IRUS Total

Energy storage at Perovskite interfaces

File Description SizeFormat 
Davies-S-2018-PhD-Thesis.pdfThesis7.37 MBAdobe PDFView/Open
Title: Energy storage at Perovskite interfaces
Authors: Davies, Peter
Item Type: Thesis or dissertation
Abstract: Thin-film capacitor interfacial effects produce a voltage drop across conductor/dielectric interfaces, equivalent to a small capacitance in series with the larger, bulk, dielectric capacitance. These inhibit maximum charge storage in fixed-voltage devices, such as integrated circuits, and are seen as unhelpful, "dead-layer"' effects. The novel proposal in this research is to deliberately exploit intrinsic interfacial voltage drops to enhance the energy stored in a capacitor. A theory of interfacial energy storage is proposed which identifies maximum dielectric polarisation as a key factor for energy storage. A simple, tight-binding model of dielectric breakdown indicates increased localisation of electronic orbitals at high electric fields. Using a novel algorithm, DFT simulations of slabs were performed using SrRuO₃ as the conductor and SrTiO₃ and PbTiO₃ as dielectrics. These simulated interfacial effects up to an applied external electric field of 24 GV/m, dielectric polarisation of 0.21 C/m², energy storage of 0.06 J/m² per pair of interfaces (equivalent to 3 J/cc), and an interfacial voltage drop of 0.28 V per interface. Research by others suggests a leakage time constant for interfacial storage devices of up to several minutes. On application of a strong external electric field, the slab length changes and the cations and anions in each plane separate, dissociating the position definitions with no electric field from those with a field applied. A novel approach allows definition and calculation of local polarisation changes and voltage drops for half-unit cell regions, using planes with zero net charge on each side. The project also explores ways of optimising interfacial energy storage, and the possibility of using high-polarisation (1.5 C/m²) ferroelectric BiFeO₃ as the dielectric. Follow-on simulations and experimental work are suggested, including methods of constructing real devices.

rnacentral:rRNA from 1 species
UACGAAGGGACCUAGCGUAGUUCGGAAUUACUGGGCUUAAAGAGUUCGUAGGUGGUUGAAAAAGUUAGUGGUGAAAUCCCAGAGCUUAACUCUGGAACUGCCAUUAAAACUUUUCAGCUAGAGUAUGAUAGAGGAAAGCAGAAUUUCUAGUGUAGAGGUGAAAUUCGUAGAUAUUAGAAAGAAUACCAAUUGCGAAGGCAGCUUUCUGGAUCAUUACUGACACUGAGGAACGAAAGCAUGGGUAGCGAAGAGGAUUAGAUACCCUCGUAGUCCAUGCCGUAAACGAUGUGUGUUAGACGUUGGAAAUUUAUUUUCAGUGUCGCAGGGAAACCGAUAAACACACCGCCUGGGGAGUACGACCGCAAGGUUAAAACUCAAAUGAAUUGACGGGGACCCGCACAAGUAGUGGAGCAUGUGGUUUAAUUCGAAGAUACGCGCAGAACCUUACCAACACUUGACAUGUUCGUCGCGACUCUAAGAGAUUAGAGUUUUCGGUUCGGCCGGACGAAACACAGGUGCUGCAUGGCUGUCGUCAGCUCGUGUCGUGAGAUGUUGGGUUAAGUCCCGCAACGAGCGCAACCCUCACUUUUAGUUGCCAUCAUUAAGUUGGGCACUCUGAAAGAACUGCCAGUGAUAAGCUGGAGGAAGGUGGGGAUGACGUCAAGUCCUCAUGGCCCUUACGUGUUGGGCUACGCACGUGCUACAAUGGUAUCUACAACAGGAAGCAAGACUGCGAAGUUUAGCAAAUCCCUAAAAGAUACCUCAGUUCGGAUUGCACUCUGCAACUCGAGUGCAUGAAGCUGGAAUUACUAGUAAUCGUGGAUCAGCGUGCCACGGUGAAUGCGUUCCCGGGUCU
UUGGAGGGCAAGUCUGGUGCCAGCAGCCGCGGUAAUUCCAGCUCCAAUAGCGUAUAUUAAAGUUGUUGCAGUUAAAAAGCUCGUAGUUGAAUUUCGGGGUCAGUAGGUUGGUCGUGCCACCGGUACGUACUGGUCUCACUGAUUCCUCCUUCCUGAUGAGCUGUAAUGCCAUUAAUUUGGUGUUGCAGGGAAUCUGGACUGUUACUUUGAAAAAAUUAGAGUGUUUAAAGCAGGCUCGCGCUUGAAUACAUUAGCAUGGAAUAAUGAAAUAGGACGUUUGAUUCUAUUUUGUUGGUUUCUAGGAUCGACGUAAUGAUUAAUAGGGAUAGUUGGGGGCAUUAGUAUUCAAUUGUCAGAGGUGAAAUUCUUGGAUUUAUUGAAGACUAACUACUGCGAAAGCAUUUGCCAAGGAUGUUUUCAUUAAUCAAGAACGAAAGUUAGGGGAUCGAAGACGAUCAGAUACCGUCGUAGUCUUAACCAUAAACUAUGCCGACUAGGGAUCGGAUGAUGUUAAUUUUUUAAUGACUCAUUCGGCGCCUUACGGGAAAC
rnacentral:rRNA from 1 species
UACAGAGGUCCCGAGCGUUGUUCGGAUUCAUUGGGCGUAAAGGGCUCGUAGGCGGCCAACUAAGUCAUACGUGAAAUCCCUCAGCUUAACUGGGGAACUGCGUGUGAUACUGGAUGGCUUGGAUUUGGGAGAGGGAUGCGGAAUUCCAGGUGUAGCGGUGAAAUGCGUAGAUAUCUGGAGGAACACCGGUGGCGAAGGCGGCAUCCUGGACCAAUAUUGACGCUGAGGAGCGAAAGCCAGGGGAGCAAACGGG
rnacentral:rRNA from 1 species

Content Version: Open Access
Issue Date: Apr-2018
Date Awarded: Nov-2018
URI: http://hdl.handle.net/10044/1/65668
DOI: https://doi.org/10.25560/65668
Supervisor: Foulkes, Matthew
Department: Physics
Publisher: Imperial College London
Qualification Level: Doctoral
Qualification Name: Doctor of Philosophy (PhD)
Appears in Collections:Physics PhD theses

Unless otherwise indicated, items in Spiral are protected by copyright and are licensed under a Creative Commons Attribution NonCommercial NoDerivatives License.

Creative Commons